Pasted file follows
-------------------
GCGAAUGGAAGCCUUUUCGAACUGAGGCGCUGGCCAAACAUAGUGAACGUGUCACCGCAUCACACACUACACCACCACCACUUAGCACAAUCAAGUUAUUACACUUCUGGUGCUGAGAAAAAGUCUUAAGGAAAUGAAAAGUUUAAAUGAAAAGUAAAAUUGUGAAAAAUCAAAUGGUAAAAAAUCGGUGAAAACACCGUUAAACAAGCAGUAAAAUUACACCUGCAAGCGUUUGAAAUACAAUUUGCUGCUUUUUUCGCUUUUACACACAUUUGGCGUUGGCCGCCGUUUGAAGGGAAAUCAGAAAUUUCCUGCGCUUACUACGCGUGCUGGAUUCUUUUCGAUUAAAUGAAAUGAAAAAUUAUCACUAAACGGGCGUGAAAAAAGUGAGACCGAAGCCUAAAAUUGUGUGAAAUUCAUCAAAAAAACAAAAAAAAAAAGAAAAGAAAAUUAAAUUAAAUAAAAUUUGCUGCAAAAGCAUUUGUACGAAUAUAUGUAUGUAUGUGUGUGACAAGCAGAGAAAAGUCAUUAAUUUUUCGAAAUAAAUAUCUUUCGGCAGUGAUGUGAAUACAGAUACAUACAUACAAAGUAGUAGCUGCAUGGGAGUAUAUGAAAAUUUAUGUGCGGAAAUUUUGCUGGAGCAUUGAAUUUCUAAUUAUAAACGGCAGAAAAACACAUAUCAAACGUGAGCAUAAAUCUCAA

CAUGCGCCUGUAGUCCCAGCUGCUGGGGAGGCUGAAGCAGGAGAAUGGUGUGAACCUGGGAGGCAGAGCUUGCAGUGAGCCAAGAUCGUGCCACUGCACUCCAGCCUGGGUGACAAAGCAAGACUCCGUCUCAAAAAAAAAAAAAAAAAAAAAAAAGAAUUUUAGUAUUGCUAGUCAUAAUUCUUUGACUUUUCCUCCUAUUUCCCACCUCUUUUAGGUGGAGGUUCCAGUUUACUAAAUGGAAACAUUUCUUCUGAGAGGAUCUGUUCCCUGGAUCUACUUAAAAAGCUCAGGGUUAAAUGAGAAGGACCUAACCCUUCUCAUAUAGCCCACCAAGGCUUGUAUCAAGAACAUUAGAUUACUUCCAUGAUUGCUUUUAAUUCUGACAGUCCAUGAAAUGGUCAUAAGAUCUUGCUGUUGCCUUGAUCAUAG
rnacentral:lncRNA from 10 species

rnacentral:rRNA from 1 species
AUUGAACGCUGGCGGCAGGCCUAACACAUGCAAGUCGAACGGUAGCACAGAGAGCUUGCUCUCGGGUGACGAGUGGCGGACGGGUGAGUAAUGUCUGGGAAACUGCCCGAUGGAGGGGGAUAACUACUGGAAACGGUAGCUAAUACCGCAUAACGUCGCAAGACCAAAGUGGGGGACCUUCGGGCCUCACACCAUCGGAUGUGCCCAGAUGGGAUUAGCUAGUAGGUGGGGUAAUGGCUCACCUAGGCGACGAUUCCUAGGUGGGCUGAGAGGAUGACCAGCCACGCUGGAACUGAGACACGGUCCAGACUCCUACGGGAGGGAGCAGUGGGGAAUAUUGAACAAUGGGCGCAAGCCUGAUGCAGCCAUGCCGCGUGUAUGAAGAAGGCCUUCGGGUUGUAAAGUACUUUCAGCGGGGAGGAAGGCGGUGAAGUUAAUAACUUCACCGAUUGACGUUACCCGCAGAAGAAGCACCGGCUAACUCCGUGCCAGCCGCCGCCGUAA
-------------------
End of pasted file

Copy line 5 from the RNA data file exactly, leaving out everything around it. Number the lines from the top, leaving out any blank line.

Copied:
AUUGAACGCUGGCGGCAGGCCUAACACAUGCAAGUCGAACGGUAGCACAGAGAGCUUGCUCUCGGGUGACGAGUGGCGGACGGGUGAGUAAUGUCUGGGAAACUGCCCGAUGGAGGGGGAUAACUACUGGAAACGGUAGCUAAUACCGCAUAACGUCGCAAGACCAAAGUGGGGGACCUUCGGGCCUCACACCAUCGGAUGUGCCCAGAUGGGAUUAGCUAGUAGGUGGGGUAAUGGCUCACCUAGGCGACGAUUCCUAGGUGGGCUGAGAGGAUGACCAGCCACGCUGGAACUGAGACACGGUCCAGACUCCUACGGGAGGGAGCAGUGGGGAAUAUUGAACAAUGGGCGCAAGCCUGAUGCAGCCAUGCCGCGUGUAUGAAGAAGGCCUUCGGGUUGUAAAGUACUUUCAGCGGGGAGGAAGGCGGUGAAGUUAAUAACUUCACCGAUUGACGUUACCCGCAGAAGAAGCACCGGCUAACUCCGUGCCAGCCGCCGCCGUAA